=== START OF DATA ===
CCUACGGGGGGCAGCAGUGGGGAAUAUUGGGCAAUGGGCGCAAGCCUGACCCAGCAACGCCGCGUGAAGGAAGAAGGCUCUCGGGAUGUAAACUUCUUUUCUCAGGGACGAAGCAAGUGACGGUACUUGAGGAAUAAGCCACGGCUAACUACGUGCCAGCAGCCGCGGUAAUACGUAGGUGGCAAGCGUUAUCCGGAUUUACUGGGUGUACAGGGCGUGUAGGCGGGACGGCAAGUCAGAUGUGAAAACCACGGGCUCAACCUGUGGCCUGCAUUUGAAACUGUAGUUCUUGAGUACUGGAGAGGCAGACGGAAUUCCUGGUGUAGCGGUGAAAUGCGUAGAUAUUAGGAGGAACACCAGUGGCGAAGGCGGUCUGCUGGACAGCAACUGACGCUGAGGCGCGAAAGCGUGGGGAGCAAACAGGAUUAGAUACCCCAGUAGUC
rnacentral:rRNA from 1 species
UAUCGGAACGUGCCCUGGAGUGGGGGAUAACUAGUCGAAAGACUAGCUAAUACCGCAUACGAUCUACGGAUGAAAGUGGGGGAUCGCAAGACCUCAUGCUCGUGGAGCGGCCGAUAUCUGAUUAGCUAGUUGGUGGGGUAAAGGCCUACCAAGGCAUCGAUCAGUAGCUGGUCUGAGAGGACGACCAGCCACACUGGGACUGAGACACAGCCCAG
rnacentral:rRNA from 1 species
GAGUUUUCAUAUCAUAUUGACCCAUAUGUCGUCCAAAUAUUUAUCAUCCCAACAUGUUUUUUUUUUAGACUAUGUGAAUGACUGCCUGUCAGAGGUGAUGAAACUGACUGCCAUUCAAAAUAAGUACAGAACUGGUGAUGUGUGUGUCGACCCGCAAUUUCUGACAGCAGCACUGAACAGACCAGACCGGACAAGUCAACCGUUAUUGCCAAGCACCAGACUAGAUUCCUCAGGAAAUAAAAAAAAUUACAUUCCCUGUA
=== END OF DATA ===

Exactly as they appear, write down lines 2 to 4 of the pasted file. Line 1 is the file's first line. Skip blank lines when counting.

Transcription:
rnacentral:rRNA from 1 species
UAUCGGAACGUGCCCUGGAGUGGGGGAUAACUAGUCGAAAGACUAGCUAAUACCGCAUACGAUCUACGGAUGAAAGUGGGGGAUCGCAAGACCUCAUGCUCGUGGAGCGGCCGAUAUCUGAUUAGCUAGUUGGUGGGGUAAAGGCCUACCAAGGCAUCGAUCAGUAGCUGGUCUGAGAGGACGACCAGCCACACUGGGACUGAGACACAGCCCAG
rnacentral:rRNA from 1 species